"There is no sex in the USSR."
Lyudmila Ivanova wanted to say that there is no sex on Soviet television. But this scandalous statement, which broke from Ivanova's tongue during a video bridge between the women of Leningrad and Boston in 1986, very strongly and for a long time distorted the ideas of foreigners about intimate life behind the Iron Curtain. To help promote this myth, George Orwell, in his novel 1984, portrayed a totalitarian state where the party banned non-reproductive sex because the enjoyment of intimacy should not rival the love of Big Brother. Many Americans, reading this work, still regard it as an introduction to the nightmare of Stalinism.
But there is one book that debunks these persistent and pervasive stereotypes. It is called “Man and Woman. Intimate Relations”and is the most successful socialist instruction on sex in the Eastern Bloc. This book, published in 1969 in spite of restrictions on explicit content, shows us that socialist countries in the 20th century did not ban tumbling in the bedroom at all, but even actively encouraged it.
I found a copy of this book in Bulgarian. There, on the cover, a naked couple kissing behind a giant fig leaf. Flipping through the pages of this cheap newsprint book with its simple black and white drawings, I wondered how such an outspoken book could have been published in such a large circulation under an authoritarian regime.
The original was written in German by psychologist and family counselor Sigfried Schnabl. "Man and Woman" has been translated into Spanish, Portuguese, Slovak, Russian, Lithuanian, Romanian and Bulgarian. From 1970 to 1990, it was reprinted 18 times in East Germany alone. In the German Democratic Republic, this book has become one of the two top bestsellers in history.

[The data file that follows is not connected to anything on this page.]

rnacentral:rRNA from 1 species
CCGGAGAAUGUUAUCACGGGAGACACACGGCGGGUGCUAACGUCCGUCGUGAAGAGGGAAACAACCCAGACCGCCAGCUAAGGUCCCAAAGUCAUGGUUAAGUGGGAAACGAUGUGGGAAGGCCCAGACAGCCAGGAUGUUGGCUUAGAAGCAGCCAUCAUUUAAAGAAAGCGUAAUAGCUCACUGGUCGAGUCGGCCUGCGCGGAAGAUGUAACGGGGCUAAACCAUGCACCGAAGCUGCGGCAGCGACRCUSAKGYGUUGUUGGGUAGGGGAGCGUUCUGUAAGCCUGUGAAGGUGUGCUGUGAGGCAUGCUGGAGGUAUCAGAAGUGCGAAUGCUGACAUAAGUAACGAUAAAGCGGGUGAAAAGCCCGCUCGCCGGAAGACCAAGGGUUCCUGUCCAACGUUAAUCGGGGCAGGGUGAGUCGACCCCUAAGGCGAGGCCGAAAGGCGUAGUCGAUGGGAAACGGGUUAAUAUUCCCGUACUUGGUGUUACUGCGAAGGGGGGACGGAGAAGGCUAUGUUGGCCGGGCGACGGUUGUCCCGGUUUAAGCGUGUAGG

"Man and Woman" also infiltrated the homes of neighboring West Germany and hit the bookshelves of Cuba, covering a distance of half the world. In what was then Czechoslovakia, it was reprinted four times from 1975 to 1985. In societies that banned all pornography and erotic writing, this book was open about everything from puberty and pregnancy to sexual pleasure.
“Schnabl’s calm and serious advice on achieving female orgasm formed the basis of his campaign for the pleasure and importance of heterosexual sex, which was considered separately from the potential reproductive consequences,” writes historian Dagmar Herzog. In countries that lost huge populations during World War II and needed additional labor to implement plans for rapid industrialization, promoting intimacy for pleasure rather than childbearing was, in the full sense of the word, a revolutionary step for the conservative and mostly peasant societies.
According to the Bulgarian writer Georgy Gospodinov, the book "Man and Woman" at that time "could be found in almost every Bulgarian home, although it was carefully hidden in the back rows and on the upper shelves of bookcases."
“And every child, as soon as his parents left home, would climb on a chair and start looking for her,” a 54-year-old acquaintance of mine from Bulgaria told me in May. "It was the only such book in the whole country."
The first print run in Bulgarian came out in 1979 and 160 thousand copies were sold rapidly. The state publishing house for medical and physical education, which published this book, specialized in medical textbooks and scientific literature. The choice of the state, which fell on this publishing house, testified to the confidence of the authorities that accurate and truthful information about a person's sexuality would improve the physical and mental health of the population, especially young people. Seeing the great demand for this book, the government lowered the price, and the publishing house in 1981 printed an additional 210 thousand copies. In 1985, another 15,000 copies were published. It was a huge circulation for such a small country with a population of about eight and a half million people, where printers were constantly short of paper.
What is the appeal of this book, other than the obvious? For the author, it was a book about solving social and psychological problems. In the introduction, Schnable explained that dissatisfaction in the bedroom can lead to the development of "an inferiority complex, depression and nervous breakdowns." He considered his work to be a service to society and wrote that sexual satisfaction "must become a reality for every citizen of our country." According to him, this is a task for those who "are obliged to help others with their professional and scientific knowledge."